Before closing his report, the chief justice returned to one of his most consistent themes. “We should celebrate our strong and independent judiciary, a key source of national unity and stability.
“But we should also remember that justice is not inevitable,” he said.
Supreme Court Caseload
The report said the number of cases filed in the Supreme Court increased from 6,315 filings during the 2017 Term to 6,442 filings in the 2018 Term.
The number of cases filed in the Court’s in forma pauperis docket increased five percent from 4,595 filings in the 2017 Term to 4,847 filings in the 2018 Term. The number of cases filed in the Court’s paid docket decreased seven percent from 1,720 filings in the 2017 Term to 1,595 filings in the 2018 Term.
During the 2018 Term, 73 cases were argued and 69 were disposed of in 66 signed opinions, compared to 69 cases argued and 63 disposed of in 59 signed opinions in the 2017 Term.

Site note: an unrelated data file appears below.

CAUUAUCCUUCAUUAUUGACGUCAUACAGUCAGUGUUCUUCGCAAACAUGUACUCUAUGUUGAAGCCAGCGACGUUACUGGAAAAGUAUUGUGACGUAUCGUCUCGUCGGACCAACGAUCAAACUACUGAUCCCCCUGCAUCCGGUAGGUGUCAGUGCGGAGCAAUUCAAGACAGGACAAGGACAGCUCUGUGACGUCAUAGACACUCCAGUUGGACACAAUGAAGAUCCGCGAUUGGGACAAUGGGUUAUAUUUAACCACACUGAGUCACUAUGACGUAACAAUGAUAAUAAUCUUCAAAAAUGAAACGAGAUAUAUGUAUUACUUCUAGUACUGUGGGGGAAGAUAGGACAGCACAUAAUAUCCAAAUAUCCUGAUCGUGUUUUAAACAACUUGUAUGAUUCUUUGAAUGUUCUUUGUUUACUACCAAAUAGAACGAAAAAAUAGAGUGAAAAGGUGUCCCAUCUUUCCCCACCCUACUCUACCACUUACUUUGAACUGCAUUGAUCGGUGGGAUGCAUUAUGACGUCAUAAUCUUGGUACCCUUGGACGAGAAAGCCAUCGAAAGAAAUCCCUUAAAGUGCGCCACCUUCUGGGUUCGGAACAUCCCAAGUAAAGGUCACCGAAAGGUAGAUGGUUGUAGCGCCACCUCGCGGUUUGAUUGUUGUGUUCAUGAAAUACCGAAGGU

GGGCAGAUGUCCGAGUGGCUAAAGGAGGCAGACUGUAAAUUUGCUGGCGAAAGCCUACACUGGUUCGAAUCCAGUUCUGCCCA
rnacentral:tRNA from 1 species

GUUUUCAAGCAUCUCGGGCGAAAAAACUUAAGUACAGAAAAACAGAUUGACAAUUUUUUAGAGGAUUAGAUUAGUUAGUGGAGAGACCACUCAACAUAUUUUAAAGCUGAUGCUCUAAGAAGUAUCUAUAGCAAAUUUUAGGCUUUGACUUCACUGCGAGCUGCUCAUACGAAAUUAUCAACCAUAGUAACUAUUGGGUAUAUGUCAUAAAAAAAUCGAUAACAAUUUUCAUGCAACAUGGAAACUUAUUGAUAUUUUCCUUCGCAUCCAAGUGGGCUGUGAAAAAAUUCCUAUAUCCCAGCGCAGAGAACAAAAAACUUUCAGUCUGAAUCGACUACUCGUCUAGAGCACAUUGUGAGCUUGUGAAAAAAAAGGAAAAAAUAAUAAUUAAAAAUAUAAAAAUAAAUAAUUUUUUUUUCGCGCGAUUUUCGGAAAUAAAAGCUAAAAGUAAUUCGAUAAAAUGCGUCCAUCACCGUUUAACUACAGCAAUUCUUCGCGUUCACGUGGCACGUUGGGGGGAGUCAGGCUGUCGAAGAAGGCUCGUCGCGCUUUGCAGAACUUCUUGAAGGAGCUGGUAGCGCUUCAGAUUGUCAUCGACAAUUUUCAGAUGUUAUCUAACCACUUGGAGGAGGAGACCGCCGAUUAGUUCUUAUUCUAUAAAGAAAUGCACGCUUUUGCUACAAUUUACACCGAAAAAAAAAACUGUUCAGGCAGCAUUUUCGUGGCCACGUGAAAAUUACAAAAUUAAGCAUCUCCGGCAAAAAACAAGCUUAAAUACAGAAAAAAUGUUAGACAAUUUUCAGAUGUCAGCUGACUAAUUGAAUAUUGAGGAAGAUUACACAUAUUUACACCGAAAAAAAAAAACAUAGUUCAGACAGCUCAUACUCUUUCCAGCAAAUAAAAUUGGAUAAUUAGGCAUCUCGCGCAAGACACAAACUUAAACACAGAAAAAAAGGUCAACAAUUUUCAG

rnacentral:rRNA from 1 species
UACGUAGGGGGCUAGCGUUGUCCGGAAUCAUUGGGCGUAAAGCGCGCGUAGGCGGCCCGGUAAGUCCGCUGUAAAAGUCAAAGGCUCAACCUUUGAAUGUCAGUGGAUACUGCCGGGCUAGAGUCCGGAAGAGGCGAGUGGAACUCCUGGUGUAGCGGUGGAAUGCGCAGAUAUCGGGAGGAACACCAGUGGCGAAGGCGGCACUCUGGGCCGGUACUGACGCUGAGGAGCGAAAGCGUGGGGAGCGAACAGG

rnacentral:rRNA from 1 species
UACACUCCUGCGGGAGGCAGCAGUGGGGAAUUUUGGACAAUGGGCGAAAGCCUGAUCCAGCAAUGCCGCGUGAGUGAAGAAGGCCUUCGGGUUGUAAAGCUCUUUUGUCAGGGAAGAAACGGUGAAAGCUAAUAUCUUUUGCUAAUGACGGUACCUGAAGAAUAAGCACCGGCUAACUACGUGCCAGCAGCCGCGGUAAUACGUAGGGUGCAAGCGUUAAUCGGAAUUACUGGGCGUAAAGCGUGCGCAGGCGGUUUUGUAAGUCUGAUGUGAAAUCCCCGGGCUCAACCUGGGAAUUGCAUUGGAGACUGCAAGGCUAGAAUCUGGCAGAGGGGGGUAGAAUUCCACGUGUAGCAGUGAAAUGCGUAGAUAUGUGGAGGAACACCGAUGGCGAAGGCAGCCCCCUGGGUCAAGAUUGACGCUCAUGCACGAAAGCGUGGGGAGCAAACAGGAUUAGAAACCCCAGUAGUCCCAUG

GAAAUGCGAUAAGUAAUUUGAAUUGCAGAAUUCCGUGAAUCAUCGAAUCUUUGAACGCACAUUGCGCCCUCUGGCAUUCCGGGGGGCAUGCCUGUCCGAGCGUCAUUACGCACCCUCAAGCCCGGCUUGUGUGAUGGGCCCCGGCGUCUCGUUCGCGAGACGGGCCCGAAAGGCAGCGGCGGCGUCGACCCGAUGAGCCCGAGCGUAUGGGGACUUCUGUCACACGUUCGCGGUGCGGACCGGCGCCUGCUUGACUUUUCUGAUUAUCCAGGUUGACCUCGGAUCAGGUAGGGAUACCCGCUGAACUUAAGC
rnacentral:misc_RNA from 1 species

The Court also issued two per curiam decisions during the 2018 Term.
The Federal Courts of Appeals
In the regional courts of appeals, filings fell two percent to 48,486. Appeals involving pro se litigants, which amounted to 49 percent of filings, declined four percent. Total civil appeals decreased three percent.
Reductions of three percent also occurred in appeals of administrative agency decisions and in bankruptcy appeals. Original proceedings dropped one percent. Criminal appeals rose two percent.
The Federal District Courts
Civil case filings in the U.S. district courts increased five percent to 297,877.